On the road to diversity

Northern Kentucky University students, faculty and staff have an opportunity to participate in a walk-a-thon designed to promote diversity in the community.

On Oct. 6, the National Conference for Community and Justice is sponsoring the Walk As One Walk-A-Thon. The six mile walk will begin and end at Yeatman’s Cove at Sawyer Point in Cincinnati. Last year, 3,000 walkers participated, raising over $136,000.

Dr. Kris Yohe of the literature and language department was one of the participants in last year’s walk. She said she values her experience in the walk.

“The ethnic diversity was especially rich and refreshing to see and be a part of. said Yohe. “It was wonderful and I look forward to participating again.”

Several stops along the route are significant to the history of the Underground Railroad in Cincinnati. Stops include the Union Baptist Church, James Bradley Statue, and the Roebling Suspension Bridge.

Yohe said that crossing the Roebling Suspension Bridge was, for her, the most memorable moment of the walk.

“I found it moving to consider our own crossing of the Ohio River as compared to the terror people experienced during slavery when they were fleeing over this river,” she said.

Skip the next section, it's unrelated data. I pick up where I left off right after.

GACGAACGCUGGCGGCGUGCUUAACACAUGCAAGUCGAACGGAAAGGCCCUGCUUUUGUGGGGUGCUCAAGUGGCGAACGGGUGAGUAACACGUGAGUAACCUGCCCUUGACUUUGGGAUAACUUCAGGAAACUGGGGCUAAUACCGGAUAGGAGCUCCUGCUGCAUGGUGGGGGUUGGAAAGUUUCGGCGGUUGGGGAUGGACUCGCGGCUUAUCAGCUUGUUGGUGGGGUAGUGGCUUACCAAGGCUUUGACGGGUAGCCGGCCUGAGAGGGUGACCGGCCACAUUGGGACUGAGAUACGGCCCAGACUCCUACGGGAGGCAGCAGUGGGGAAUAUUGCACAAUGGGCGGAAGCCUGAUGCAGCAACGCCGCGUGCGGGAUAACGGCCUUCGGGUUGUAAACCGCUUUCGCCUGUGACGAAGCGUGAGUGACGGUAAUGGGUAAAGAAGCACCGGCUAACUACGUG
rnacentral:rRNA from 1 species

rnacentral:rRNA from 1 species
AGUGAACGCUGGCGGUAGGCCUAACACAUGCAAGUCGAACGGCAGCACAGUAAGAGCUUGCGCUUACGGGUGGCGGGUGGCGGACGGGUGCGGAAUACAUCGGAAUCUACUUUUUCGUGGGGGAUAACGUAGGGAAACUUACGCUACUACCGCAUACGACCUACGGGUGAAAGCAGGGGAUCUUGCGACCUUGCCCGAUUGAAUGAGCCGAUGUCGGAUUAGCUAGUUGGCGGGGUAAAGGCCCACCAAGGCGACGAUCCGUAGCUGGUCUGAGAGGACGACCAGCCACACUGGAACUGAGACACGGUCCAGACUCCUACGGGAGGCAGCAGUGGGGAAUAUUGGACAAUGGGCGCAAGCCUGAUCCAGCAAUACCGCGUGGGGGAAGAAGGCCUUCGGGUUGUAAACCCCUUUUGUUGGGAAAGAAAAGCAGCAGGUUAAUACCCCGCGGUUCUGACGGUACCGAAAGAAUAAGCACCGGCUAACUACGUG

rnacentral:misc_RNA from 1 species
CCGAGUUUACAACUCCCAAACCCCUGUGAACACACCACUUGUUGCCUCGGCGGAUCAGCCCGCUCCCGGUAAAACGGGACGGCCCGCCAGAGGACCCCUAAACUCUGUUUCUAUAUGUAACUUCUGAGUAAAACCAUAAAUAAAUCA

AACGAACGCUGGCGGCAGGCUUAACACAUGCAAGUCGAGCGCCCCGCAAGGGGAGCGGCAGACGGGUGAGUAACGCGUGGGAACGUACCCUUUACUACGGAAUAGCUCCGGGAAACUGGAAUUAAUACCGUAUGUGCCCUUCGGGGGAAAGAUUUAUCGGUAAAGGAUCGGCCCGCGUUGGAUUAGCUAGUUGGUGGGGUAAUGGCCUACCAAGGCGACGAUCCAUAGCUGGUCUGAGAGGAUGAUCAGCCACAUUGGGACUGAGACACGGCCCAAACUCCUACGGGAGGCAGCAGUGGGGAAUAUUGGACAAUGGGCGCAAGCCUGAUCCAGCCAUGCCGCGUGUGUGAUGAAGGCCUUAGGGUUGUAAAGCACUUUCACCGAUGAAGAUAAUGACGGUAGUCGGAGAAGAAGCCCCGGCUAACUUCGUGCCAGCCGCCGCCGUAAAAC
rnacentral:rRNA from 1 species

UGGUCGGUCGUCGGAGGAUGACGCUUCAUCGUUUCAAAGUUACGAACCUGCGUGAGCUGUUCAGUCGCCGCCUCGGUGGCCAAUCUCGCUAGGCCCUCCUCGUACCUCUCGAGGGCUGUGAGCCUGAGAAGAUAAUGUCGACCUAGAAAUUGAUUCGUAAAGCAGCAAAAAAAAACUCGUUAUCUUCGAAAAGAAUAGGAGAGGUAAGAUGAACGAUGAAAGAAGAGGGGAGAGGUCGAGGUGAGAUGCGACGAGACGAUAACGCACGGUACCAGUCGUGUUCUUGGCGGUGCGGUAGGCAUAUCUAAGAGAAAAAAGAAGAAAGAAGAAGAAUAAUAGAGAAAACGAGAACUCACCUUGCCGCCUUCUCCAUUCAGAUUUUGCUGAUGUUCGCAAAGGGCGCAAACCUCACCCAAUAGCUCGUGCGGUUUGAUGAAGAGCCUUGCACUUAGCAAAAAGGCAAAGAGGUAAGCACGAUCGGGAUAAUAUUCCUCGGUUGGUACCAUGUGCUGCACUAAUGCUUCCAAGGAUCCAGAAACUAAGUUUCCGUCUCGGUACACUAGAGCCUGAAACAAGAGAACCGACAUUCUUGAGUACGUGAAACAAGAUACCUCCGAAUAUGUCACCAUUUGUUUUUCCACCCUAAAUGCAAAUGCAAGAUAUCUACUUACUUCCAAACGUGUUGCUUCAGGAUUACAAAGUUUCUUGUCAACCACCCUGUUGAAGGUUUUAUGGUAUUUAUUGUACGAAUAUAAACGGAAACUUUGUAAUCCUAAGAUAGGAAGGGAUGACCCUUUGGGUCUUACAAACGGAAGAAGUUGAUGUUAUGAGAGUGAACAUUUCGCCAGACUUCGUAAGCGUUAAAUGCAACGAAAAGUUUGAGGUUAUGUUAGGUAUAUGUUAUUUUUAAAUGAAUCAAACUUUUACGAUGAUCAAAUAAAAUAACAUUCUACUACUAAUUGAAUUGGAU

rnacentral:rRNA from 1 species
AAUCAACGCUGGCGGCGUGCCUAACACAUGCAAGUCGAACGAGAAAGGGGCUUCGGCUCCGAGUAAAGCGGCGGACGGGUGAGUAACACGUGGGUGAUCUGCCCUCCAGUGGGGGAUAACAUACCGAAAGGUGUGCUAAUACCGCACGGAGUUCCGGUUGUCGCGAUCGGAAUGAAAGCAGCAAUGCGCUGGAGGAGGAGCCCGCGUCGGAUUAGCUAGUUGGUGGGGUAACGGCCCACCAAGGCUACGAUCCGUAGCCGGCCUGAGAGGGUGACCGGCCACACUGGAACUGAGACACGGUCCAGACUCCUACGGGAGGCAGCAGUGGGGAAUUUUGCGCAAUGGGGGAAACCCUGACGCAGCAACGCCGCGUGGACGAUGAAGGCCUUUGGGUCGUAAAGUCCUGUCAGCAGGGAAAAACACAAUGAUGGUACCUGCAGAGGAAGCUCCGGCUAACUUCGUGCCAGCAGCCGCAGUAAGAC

NKU participation in this event is being organized by the Institute for Freedom Studies and the Wellness Office.

The Institute for Freedom Studies is relatively new on campus, having only been in existence for two years. Founded by faculty and staff of several NKU colleges, it serves as a Freedom Station in conjunction with the National Underground Railroad Freedom Center in Cincinnati.

“The purpose of the Institute for Freedom Studies is to promote interdisciplinary research, teaching and community outreach grounded in the scholarly study of American cultural history with a specific focus on the Underground Railroad and its legacy,” said Mona Hall, project manager. She added that it is thought to be the only university- affiliated institute of its kind in the country.

The NCCJ is responsible for founding the National Underground Railroad Freedom Center, which focuses on improving race relations.Its purpose is to fight bias, racism, and bigotry in America and attempts to improve community relations for the future by working with today’s youth.

NCCJ offers programs such as the Police Youth “Live In,” a summer camp for inner-city youth and police officers, and Anytown U.S.A., a leadership program for teens from diverse backgrounds.

Anyone interested in participating in the Walk As One Walk-A-Thon or desiring more information should contact Mona Hall of the Institute for Freedom Studies at (859) 572-5817 or Sue Roth of the Wellness Office at (859) 572-5684.